BANNING VIOLENT VIDEO GAMES
By Lynn Stuter
June 3, 2003
Governor Gary Locke of Washington State recently signed into law a bill making it illegal for stores to sell video games to minors that contain violence. The law carries a penalty clause establishing a $500 fine for anyone found in violation of the law.
Undoubtedly, there will be a challenge to this new law to "protect" our youth. And well there should be.
To begin, the old adage that you can't legislate morality applies. You cannot make young people not want to engage in the playing of violent video games by making the games illegal for minors. If parents don't want their children playing violent video games, parents should raise their children to understand that violence is not morally acceptable, and parents should accept the responsibility of keeping their children away from these games, whether on the internet, in public arcades, or places where young people congregate that might offer video games as a source of entertainment.
In a free market society, such as America is supposed to be, the market operates on supply and demand. If violent video games were shunned because they are morally decadent then violent video games would not be in demand, would not be produced, and would not be on the market. The same concept applies to pornography and to books.
The market supplies what the consumer wants. As a society, we deplore pornography, lewd and crude books, and violence, but do nothing to eradicate the root cause of the problem: moral decadence. If people, of their own volition, choose to be morally responsible, choose to raise their children according to a strong moral code, then and only then will the growing problem of pornography, lewd and crude books, and violence reverse its present course and decrease. At the same time, other crimes emanating from and related to moral decadence will also decrease.
When a society tries to legislate morals, such quickly turns to tyranny. However, when a society, as a unit and of its own volition, chooses to pursue a morally ethical path, that society will grow and flourish as American society did in its first 100 years.
Many will cry, "But we must protect our children." The best way to protect children from this is to know where they are and what they are doing, to teach them right from wrong, and to give them a good, strong moral foundation. Censorship isn't the answer. If today we censor pornography, lewd and crude books, and anything that promotes violence, tomorrow it could be the Bible or books like To Kill a Mockingbird.
Others will say, "What about parents who don't care where their children are or what they are doing, who don't teach them right from wrong, don't give them a strong moral foundation?" This is a problem finding basis in world view and will not be cured by implementing more laws based on the Humanist world view which, by its very construct, encourages moral decadence. Nor will it be cured by government intervention in the form of child protective services.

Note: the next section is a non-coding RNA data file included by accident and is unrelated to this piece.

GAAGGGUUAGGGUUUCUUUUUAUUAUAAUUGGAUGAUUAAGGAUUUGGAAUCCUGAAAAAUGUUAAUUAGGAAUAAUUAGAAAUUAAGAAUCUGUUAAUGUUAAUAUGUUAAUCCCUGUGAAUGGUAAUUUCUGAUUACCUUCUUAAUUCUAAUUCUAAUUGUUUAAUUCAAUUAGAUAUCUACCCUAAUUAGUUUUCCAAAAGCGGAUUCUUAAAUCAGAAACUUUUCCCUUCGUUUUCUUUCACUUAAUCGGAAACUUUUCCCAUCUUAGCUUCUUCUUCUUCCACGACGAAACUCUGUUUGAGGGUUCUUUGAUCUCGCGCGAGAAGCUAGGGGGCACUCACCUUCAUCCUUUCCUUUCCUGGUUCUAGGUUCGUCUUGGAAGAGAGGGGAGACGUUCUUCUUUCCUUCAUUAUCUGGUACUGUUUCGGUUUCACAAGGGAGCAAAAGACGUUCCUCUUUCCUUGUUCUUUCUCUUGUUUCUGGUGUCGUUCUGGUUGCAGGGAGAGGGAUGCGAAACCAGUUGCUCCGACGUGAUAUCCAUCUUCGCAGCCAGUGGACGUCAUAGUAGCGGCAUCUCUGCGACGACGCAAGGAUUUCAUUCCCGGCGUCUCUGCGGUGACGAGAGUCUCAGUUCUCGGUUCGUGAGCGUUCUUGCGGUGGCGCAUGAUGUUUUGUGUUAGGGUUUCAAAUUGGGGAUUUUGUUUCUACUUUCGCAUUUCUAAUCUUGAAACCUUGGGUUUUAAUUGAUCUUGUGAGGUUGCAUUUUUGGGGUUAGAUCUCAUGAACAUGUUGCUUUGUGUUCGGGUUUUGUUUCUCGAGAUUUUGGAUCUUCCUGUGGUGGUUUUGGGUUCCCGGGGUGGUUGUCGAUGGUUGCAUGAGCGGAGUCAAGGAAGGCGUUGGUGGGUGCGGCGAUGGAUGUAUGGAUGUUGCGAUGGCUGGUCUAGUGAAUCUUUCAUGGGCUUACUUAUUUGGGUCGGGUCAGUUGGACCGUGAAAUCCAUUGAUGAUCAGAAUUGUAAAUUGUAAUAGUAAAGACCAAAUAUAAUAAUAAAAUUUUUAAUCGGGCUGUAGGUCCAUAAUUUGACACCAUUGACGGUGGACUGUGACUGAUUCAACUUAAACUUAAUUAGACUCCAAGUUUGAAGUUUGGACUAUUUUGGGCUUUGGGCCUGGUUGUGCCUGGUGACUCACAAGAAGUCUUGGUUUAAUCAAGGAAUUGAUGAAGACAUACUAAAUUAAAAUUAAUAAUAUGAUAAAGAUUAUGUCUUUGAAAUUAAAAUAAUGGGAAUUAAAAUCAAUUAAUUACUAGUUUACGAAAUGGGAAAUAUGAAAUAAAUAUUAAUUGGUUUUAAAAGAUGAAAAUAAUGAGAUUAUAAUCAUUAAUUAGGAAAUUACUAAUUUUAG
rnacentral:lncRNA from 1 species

John Locke (no relation to Gary Locke) stated, at the time of the writing of the American Constitution, "The end of law is not to abolish or restrain, but to preserve and enlarge freedom." Freedom is neither preserved nor enlarged when laws are passed that restrict freedom.
The answer, once again, is self-government and the only world view that teaches self-governance is the Christian world view.
Our Founding Fathers were far more intelligent than people give them credit for, and certainly far more intelligent than the leaders of today. While our leaders today believe they must leave whatever Christian values and virtues they have at the door of the halls of government, our Founding Fathers knew, in writing the First Amendment, that the exercise of one's Christian values and virtues in the halls of government was not only desirable but necessary. They also knew that such does not constitute a violation of the First Amendment as so many claim and believe today.
Legislating morality is a slippery slope to tyranny. It is the antithesis of freedom; it is not the answer to what ails American society today.
© 2003 Lynn M. Stuter - All Rights Reserved
Mother and wife, Stuter has spent the past ten years researching systems theory with a particular emphasis on education. She home schooled two daughters, now grown and on their own. She has worked with legislators, both state and federal, on issues pertaining to systems governance and education reform. She networks nationwide with other researchers and citizens concerned with the transformation of our nation. She has traveled the United States and lived overseas. Web site: www.learn-usa.com E-Mail: firstname.lastname@example.org
"Our Founding Fathers were far more intelligent than people give them credit for, and certainly far more intelligent than the leaders of today. While our leaders today believe they must leave whatever Christian values and virtues they have at the door of the halls of government, our Founding Fathers knew, in writing the First Amendment, that the exercise of one's Christian values and virtues in the halls of government was not only desirable but necessary."
Can government that sanctions violent abortion, gay rights, legislate morality and protect children from violence?